very much, but now I find it uninteresting. That goes for all the the other

mags. I would buy these mags to learn, but I learn here on AVS.


Nicholas
 

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They all suck. All have agendas. I prefer The Perfect Vision. I used to like Widescreen until they started reviewing products. One reviewer claimed that the Vandersteen 3A Sig was the BEST speaker ever made EXCEPT for the Vanderseen 5. A little biased, perhaps? It was like watching a train wreck. The review consisted of "Richard Vandersteen says.....". The single worst and most biased and uninformed review of a product I've ever seen. Nothing against Vandersteen, but nothing is "the best" and that kind of rhetoric from a magazine I thought was good was disheartening. I wrote a nasty letter that they heard they printed and "rebuked", but by that time I didn't care what they had to say. Most of the rest just want to cheerlead for every brand equally (HT, S&V) or for whatever costs the most (SGHT). Any more the reviews should just be "_______ is as good as other products costing twice as much, not that I could state what those products would be". Just insert the product name and sign off on it.
 

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I've turned away from most magazines in general.


For computers I stick to forums and on-line reviews, i.e. toms hardware, anandtech, none of theses are without bias but they get the review of new hardware much faster than a mag.


For learning about HT/audio/video stuff I come here and read.
 

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Discussion Starter · #10 ·
Like I said, WSR is not perfect, but I still find their reviews to be much more in-depth, at least their projector reviews... there is no better place for projector and video display reviews. But I do get tired of what is almost like a DTS party line in their DVD reviews- the advantages listed for the DTS over the AC-3 track spew out like a broken record- so predictable. Don't get me wrong, I love DTS, but it ain't that cut and dry.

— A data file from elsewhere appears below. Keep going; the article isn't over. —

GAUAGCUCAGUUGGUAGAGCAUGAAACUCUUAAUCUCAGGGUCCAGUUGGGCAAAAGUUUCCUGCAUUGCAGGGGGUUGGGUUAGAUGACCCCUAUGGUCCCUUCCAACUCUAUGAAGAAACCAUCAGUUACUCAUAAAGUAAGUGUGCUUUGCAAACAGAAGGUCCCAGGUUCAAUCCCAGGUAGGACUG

And sometimes their reviews do leave me a bit baffled, but overall they are a head above the rest. I have not seen enough of Perfect Vision to really say.



Andrew B.
 

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I think WSR is the best. If you go back and pull out old issues they are very good reading (I've collected since 1997). They have generally so much more detail in the writing in their equipment reviews . Some of their special series articles like the history of widescreen films and how this developed and transpired will be good reading years later. I think The Perfect Vision is the first runner up. I do however agree with Kip and WSR is the only HT mag I subscribe to!


Art
 

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I prefer Perfect Vision. It is informative, it is formatted very well, and I get the sense that they would rather upset a potential advertiser than not be critical when they see a need for it. For example, PV bashes the Pio Elite 47A (not the 47Ai) for its lack of bass management in DVD-Audio and what it perceives as overall mediocrity in audio performance.


Even if I disagree with that statement, at least it is stating it clearly. Widescreen Review reviewed the same component and gave a softer criticism. Bottom line for me is that PV gives me a better sense of how a component performs relative to others in its price range and/or market niche. Their industry trends article are also informative and fairly-well researched.